Neighbors reacting to Joe E. Brown park comments, looking for solutions

Neighbors reacting to Joe E. Brown park comments, looking for solutions
(Source: WTOL)

. - Controversial comments from a city employee two weeks ago, are still stirring up conversation.

Neighbors from North Toledo met at the Lagrange Street Library Branch, down the street from Joe E. Brown Park on Monday night.

The Block Watch meeting was discussing what is happening with the park following a city employee's comment saying basketball "draws a crowd unworthy of the park".

Some residents said they are still upset by the comments, but are now looking for solutions.

"There is no need for an apology here, all that happened was a revelation of how it really happened, the truth came out," said Felissa Green, who lives close to the park.

Green was one of the many members of the community at the meeting. She revealed she doesn't have any ill feelings, but, wants to start a discussion.

"There is definitely a need for basketball, and for our kids to get outside," said Green.

"Basketball is a way of life for our young kids, that's for black, orange, green, everybody," said Councilwoman Yvonne Harper.

Four Toledo City Council members were sitting in on the meeting, Peter Ujvagi, Gary Johnson, Dr. Cecelia Adams and also Harper, whose district houses the park.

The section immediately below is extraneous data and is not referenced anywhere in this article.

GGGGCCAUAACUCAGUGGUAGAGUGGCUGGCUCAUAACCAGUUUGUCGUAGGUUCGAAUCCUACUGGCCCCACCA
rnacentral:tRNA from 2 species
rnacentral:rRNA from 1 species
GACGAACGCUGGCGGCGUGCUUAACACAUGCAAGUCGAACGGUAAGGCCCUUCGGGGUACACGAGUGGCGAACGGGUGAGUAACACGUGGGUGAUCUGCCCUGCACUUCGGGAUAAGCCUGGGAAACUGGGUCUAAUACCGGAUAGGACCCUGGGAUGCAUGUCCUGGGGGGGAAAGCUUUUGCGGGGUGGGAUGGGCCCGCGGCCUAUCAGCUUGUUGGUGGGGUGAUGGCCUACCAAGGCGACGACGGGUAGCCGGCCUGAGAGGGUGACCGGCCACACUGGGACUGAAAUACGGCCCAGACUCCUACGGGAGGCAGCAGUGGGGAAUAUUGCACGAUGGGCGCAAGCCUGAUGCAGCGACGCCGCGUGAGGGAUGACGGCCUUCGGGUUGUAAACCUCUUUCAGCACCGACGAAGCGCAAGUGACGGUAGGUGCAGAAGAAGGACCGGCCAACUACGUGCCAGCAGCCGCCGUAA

"I know why all of you guys are here, you want to know that we've got it worked out, we've got it worked out just a little," admitted Harper.

The city is forming a recreation task force, and are planning on discussing all of the amenities are each park throughout the city. They're expected to meet Wednesday, March 21st, with members from across the community.

But, even the neighbors in favor of a basketball court admit, they know basketball courts can cause trouble.

"I have the same concerns about the intensity, I'll call it, that basketball as a sport might bring about, but what are we going to do about that," said Green.

Councilwoman Dr. Cecelia Adams said then it's a matter of police presence at the parks.

At the end of the day, some neighbors agree the park won't be a fail without the court, but it isn't ideal.

"I wouldn't feel as good about it, I think people would still come to enjoy it, but it would have a stain on it for me," said Green.

Block Watch Leader Kathleen Johnson says kids are playing basketball in the street as it is, and thinks a court would help with safety.

"Problems are going to exist no matter what they are doing at the parks, so a basketball court couldn't hurt," said Johnson.

The Mayor's office said they are following through with their promise of sensitivity training following the city employee's comments.

There are 70 employees who are expected to take part including directors, commissioners, managers, and administrators.

As far as the basketball court, the administration said they'll continue exploring the option.

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